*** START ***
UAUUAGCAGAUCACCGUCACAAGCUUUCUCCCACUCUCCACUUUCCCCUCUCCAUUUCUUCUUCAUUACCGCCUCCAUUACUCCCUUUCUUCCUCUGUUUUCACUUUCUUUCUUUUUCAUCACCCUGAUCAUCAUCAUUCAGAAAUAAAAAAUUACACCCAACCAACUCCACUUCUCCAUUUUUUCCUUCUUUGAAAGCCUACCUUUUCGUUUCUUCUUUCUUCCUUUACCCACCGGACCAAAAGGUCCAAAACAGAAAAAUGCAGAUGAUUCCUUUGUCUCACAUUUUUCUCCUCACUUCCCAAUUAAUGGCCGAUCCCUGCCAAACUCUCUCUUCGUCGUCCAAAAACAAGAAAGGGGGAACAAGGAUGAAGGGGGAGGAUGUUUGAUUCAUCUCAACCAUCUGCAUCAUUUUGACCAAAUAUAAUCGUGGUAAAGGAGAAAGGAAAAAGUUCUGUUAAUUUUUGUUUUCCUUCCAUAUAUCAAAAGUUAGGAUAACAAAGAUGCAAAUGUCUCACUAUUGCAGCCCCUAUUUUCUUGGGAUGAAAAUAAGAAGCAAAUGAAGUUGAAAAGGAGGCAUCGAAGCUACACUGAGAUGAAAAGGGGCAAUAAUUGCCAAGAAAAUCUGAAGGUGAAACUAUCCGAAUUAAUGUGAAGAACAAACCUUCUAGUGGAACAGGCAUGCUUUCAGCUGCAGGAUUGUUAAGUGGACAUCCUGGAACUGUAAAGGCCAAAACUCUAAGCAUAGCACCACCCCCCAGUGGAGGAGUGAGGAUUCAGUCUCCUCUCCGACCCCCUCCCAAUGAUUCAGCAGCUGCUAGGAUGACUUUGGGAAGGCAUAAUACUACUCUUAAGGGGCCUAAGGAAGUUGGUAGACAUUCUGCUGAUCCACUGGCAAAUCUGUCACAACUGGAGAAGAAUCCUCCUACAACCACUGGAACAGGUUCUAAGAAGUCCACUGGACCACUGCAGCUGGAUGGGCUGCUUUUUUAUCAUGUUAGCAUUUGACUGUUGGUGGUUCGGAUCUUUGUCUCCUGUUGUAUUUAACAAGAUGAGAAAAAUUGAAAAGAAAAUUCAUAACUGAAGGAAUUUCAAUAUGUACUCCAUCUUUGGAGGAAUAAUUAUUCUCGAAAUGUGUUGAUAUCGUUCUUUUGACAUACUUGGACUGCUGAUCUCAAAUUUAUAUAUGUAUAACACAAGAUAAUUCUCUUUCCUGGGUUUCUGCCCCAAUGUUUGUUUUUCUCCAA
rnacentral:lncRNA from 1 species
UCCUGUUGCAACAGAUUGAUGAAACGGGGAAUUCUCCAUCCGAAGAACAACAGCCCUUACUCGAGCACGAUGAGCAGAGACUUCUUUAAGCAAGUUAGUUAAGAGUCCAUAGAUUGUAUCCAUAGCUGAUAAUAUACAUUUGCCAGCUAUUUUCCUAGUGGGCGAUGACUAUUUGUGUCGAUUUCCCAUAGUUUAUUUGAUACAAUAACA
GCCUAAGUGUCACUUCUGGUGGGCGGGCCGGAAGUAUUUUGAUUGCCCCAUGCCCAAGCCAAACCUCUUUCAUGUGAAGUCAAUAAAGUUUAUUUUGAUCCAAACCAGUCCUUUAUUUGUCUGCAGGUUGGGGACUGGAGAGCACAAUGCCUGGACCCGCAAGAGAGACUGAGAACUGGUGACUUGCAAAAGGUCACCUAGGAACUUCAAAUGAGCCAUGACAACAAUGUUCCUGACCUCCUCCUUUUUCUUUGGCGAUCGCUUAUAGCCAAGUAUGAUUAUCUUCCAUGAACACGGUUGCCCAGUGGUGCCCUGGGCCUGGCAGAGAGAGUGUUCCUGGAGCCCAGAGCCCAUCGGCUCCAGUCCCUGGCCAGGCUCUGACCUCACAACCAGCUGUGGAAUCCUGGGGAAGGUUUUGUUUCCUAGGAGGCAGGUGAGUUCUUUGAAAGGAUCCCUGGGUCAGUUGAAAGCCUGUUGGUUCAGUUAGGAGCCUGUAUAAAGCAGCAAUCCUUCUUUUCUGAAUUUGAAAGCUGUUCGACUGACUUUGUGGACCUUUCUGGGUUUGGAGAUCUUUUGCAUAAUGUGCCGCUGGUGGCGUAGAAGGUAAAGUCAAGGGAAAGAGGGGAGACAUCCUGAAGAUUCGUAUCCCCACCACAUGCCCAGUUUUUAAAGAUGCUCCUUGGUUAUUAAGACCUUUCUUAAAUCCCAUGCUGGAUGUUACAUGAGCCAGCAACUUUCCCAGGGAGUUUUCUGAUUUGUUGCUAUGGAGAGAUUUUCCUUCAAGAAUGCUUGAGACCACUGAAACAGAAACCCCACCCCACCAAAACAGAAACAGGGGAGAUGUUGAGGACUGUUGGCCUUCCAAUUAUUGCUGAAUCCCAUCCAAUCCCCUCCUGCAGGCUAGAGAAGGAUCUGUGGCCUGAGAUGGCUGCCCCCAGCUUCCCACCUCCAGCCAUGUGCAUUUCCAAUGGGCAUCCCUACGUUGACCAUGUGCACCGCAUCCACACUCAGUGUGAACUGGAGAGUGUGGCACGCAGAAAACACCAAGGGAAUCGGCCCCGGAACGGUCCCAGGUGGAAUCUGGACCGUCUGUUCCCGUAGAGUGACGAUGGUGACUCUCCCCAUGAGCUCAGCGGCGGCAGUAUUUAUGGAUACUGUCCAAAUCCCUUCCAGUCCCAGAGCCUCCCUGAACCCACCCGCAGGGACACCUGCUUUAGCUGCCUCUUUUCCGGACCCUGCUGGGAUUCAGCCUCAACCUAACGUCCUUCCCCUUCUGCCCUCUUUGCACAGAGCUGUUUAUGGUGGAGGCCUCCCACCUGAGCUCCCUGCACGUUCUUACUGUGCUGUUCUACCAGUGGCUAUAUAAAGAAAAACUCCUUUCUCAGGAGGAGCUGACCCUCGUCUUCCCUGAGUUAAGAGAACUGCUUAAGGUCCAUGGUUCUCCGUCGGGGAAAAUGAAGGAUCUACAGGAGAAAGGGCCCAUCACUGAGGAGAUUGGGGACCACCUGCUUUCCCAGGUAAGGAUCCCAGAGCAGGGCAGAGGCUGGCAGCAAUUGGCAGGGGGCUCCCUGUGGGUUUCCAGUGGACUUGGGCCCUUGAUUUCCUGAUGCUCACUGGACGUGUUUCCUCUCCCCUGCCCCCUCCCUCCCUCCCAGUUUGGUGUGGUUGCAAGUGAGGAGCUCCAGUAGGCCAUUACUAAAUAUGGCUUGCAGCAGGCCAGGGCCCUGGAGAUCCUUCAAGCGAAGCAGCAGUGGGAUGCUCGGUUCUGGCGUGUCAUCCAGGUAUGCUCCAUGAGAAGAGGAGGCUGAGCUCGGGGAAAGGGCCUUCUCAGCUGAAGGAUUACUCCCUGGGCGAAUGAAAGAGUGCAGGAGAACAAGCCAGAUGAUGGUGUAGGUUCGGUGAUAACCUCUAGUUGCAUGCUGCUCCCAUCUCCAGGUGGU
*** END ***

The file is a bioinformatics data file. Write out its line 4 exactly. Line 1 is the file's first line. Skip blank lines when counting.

GCCUAAGUGUCACUUCUGGUGGGCGGGCCGGAAGUAUUUUGAUUGCCCCAUGCCCAAGCCAAACCUCUUUCAUGUGAAGUCAAUAAAGUUUAUUUUGAUCCAAACCAGUCCUUUAUUUGUCUGCAGGUUGGGGACUGGAGAGCACAAUGCCUGGACCCGCAAGAGAGACUGAGAACUGGUGACUUGCAAAAGGUCACCUAGGAACUUCAAAUGAGCCAUGACAACAAUGUUCCUGACCUCCUCCUUUUUCUUUGGCGAUCGCUUAUAGCCAAGUAUGAUUAUCUUCCAUGAACACGGUUGCCCAGUGGUGCCCUGGGCCUGGCAGAGAGAGUGUUCCUGGAGCCCAGAGCCCAUCGGCUCCAGUCCCUGGCCAGGCUCUGACCUCACAACCAGCUGUGGAAUCCUGGGGAAGGUUUUGUUUCCUAGGAGGCAGGUGAGUUCUUUGAAAGGAUCCCUGGGUCAGUUGAAAGCCUGUUGGUUCAGUUAGGAGCCUGUAUAAAGCAGCAAUCCUUCUUUUCUGAAUUUGAAAGCUGUUCGACUGACUUUGUGGACCUUUCUGGGUUUGGAGAUCUUUUGCAUAAUGUGCCGCUGGUGGCGUAGAAGGUAAAGUCAAGGGAAAGAGGGGAGACAUCCUGAAGAUUCGUAUCCCCACCACAUGCCCAGUUUUUAAAGAUGCUCCUUGGUUAUUAAGACCUUUCUUAAAUCCCAUGCUGGAUGUUACAUGAGCCAGCAACUUUCCCAGGGAGUUUUCUGAUUUGUUGCUAUGGAGAGAUUUUCCUUCAAGAAUGCUUGAGACCACUGAAACAGAAACCCCACCCCACCAAAACAGAAACAGGGGAGAUGUUGAGGACUGUUGGCCUUCCAAUUAUUGCUGAAUCCCAUCCAAUCCCCUCCUGCAGGCUAGAGAAGGAUCUGUGGCCUGAGAUGGCUGCCCCCAGCUUCCCACCUCCAGCCAUGUGCAUUUCCAAUGGGCAUCCCUACGUUGACCAUGUGCACCGCAUCCACACUCAGUGUGAACUGGAGAGUGUGGCACGCAGAAAACACCAAGGGAAUCGGCCCCGGAACGGUCCCAGGUGGAAUCUGGACCGUCUGUUCCCGUAGAGUGACGAUGGUGACUCUCCCCAUGAGCUCAGCGGCGGCAGUAUUUAUGGAUACUGUCCAAAUCCCUUCCAGUCCCAGAGCCUCCCUGAACCCACCCGCAGGGACACCUGCUUUAGCUGCCUCUUUUCCGGACCCUGCUGGGAUUCAGCCUCAACCUAACGUCCUUCCCCUUCUGCCCUCUUUGCACAGAGCUGUUUAUGGUGGAGGCCUCCCACCUGAGCUCCCUGCACGUUCUUACUGUGCUGUUCUACCAGUGGCUAUAUAAAGAAAAACUCCUUUCUCAGGAGGAGCUGACCCUCGUCUUCCCUGAGUUAAGAGAACUGCUUAAGGUCCAUGGUUCUCCGUCGGGGAAAAUGAAGGAUCUACAGGAGAAAGGGCCCAUCACUGAGGAGAUUGGGGACCACCUGCUUUCCCAGGUAAGGAUCCCAGAGCAGGGCAGAGGCUGGCAGCAAUUGGCAGGGGGCUCCCUGUGGGUUUCCAGUGGACUUGGGCCCUUGAUUUCCUGAUGCUCACUGGACGUGUUUCCUCUCCCCUGCCCCCUCCCUCCCUCCCAGUUUGGUGUGGUUGCAAGUGAGGAGCUCCAGUAGGCCAUUACUAAAUAUGGCUUGCAGCAGGCCAGGGCCCUGGAGAUCCUUCAAGCGAAGCAGCAGUGGGAUGCUCGGUUCUGGCGUGUCAUCCAGGUAUGCUCCAUGAGAAGAGGAGGCUGAGCUCGGGGAAAGGGCCUUCUCAGCUGAAGGAUUACUCCCUGGGCGAAUGAAAGAGUGCAGGAGAACAAGCCAGAUGAUGGUGUAGGUUCGGUGAUAACCUCUAGUUGCAUGCUGCUCCCAUCUCCAGGUGGU